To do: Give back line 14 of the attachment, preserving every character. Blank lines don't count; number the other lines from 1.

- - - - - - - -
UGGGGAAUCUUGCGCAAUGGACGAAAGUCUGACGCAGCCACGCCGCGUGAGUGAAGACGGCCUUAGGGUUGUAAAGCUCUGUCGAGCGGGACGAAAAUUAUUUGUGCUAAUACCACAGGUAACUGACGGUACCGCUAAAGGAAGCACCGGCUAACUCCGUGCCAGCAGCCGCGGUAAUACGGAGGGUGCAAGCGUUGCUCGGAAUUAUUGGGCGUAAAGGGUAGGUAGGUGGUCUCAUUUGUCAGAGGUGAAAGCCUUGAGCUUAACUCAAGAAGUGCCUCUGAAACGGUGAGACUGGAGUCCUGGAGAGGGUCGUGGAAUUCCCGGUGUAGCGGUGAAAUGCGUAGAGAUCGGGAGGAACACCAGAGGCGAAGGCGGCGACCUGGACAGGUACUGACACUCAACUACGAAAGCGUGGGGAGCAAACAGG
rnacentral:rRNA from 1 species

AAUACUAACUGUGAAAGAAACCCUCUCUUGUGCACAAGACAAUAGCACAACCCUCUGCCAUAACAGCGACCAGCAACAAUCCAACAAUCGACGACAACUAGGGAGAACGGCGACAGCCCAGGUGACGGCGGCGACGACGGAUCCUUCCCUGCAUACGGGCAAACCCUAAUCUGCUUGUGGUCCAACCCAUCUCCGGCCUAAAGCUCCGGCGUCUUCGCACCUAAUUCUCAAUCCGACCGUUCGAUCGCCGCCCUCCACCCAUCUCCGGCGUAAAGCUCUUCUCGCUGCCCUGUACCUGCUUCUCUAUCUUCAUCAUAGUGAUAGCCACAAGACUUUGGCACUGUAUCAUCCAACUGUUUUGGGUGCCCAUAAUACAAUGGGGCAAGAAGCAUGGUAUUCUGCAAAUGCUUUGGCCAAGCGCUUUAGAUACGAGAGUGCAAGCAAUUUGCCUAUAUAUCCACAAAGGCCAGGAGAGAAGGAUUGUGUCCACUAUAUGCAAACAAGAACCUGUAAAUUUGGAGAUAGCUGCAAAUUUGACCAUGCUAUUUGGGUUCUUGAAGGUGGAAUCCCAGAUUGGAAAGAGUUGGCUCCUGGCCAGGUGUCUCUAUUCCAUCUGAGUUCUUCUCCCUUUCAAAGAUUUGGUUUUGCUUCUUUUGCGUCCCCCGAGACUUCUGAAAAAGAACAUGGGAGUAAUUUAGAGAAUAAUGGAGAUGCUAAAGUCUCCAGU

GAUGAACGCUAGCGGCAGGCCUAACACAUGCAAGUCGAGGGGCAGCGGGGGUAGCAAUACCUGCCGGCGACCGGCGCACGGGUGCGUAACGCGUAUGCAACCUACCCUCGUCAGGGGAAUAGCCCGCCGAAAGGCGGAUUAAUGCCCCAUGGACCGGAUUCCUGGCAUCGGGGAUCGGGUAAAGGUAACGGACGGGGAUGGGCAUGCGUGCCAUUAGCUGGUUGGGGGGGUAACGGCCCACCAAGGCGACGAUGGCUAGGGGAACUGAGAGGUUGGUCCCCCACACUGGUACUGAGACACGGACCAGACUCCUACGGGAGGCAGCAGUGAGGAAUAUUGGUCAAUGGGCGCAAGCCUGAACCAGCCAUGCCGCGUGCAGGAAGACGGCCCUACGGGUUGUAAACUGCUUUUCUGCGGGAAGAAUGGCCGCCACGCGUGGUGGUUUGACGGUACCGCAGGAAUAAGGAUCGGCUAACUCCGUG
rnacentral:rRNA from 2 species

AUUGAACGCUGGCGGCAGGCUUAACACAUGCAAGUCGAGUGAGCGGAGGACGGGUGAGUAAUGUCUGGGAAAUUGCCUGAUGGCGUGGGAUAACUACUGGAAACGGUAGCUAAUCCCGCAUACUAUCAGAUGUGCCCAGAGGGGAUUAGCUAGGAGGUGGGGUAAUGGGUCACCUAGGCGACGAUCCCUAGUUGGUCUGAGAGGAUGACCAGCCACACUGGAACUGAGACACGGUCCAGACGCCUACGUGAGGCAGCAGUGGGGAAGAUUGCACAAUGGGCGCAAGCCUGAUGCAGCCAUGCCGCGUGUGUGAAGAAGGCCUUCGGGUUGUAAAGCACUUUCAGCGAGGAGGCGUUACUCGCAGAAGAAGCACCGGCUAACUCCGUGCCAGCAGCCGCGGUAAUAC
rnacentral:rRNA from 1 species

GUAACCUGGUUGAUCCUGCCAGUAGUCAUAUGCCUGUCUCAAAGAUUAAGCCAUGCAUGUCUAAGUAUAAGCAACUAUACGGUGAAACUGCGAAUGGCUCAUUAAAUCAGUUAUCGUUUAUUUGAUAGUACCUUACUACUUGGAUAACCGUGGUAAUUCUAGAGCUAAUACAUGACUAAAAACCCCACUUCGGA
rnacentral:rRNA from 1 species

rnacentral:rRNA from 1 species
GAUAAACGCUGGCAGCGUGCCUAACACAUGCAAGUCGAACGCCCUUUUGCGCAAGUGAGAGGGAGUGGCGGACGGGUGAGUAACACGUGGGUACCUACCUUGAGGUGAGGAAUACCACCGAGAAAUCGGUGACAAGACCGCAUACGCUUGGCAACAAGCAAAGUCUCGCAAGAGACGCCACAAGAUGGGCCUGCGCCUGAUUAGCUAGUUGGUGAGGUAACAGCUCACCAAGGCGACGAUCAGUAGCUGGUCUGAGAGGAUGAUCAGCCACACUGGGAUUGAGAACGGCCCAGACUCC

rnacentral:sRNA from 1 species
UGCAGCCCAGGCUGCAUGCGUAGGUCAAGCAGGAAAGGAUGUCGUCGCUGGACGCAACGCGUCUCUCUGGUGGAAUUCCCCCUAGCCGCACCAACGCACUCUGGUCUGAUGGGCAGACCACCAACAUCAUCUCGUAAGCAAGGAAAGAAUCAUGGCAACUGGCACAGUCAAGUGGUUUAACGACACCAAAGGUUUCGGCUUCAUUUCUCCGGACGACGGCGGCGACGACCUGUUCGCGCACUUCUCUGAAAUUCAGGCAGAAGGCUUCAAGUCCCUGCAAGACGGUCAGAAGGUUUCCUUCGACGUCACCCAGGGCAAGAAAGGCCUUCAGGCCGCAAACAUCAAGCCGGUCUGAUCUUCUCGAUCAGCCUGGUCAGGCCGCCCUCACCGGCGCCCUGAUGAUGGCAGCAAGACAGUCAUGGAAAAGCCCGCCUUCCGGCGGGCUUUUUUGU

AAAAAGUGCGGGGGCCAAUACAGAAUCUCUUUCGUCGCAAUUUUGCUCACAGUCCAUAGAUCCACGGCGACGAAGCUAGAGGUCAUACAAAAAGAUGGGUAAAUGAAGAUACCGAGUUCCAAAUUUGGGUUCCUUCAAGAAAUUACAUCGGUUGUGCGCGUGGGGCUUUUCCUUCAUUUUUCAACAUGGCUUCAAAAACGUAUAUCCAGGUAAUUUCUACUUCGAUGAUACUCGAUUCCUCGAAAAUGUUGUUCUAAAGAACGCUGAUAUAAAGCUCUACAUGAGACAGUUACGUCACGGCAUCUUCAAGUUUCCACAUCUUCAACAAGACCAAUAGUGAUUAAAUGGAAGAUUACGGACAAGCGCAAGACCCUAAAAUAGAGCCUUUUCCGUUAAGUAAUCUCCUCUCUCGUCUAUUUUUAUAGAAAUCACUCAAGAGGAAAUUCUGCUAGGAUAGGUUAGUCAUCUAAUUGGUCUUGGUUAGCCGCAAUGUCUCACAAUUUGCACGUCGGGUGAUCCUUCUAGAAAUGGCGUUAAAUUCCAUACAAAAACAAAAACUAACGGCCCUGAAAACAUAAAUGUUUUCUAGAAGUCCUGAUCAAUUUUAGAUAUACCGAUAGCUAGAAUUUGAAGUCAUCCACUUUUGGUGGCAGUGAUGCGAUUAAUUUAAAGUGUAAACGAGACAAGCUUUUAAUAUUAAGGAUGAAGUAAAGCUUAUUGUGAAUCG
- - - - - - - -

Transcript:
AAAAAGUGCGGGGGCCAAUACAGAAUCUCUUUCGUCGCAAUUUUGCUCACAGUCCAUAGAUCCACGGCGACGAAGCUAGAGGUCAUACAAAAAGAUGGGUAAAUGAAGAUACCGAGUUCCAAAUUUGGGUUCCUUCAAGAAAUUACAUCGGUUGUGCGCGUGGGGCUUUUCCUUCAUUUUUCAACAUGGCUUCAAAAACGUAUAUCCAGGUAAUUUCUACUUCGAUGAUACUCGAUUCCUCGAAAAUGUUGUUCUAAAGAACGCUGAUAUAAAGCUCUACAUGAGACAGUUACGUCACGGCAUCUUCAAGUUUCCACAUCUUCAACAAGACCAAUAGUGAUUAAAUGGAAGAUUACGGACAAGCGCAAGACCCUAAAAUAGAGCCUUUUCCGUUAAGUAAUCUCCUCUCUCGUCUAUUUUUAUAGAAAUCACUCAAGAGGAAAUUCUGCUAGGAUAGGUUAGUCAUCUAAUUGGUCUUGGUUAGCCGCAAUGUCUCACAAUUUGCACGUCGGGUGAUCCUUCUAGAAAUGGCGUUAAAUUCCAUACAAAAACAAAAACUAACGGCCCUGAAAACAUAAAUGUUUUCUAGAAGUCCUGAUCAAUUUUAGAUAUACCGAUAGCUAGAAUUUGAAGUCAUCCACUUUUGGUGGCAGUGAUGCGAUUAAUUUAAAGUGUAAACGAGACAAGCUUUUAAUAUUAAGGAUGAAGUAAAGCUUAUUGUGAAUCG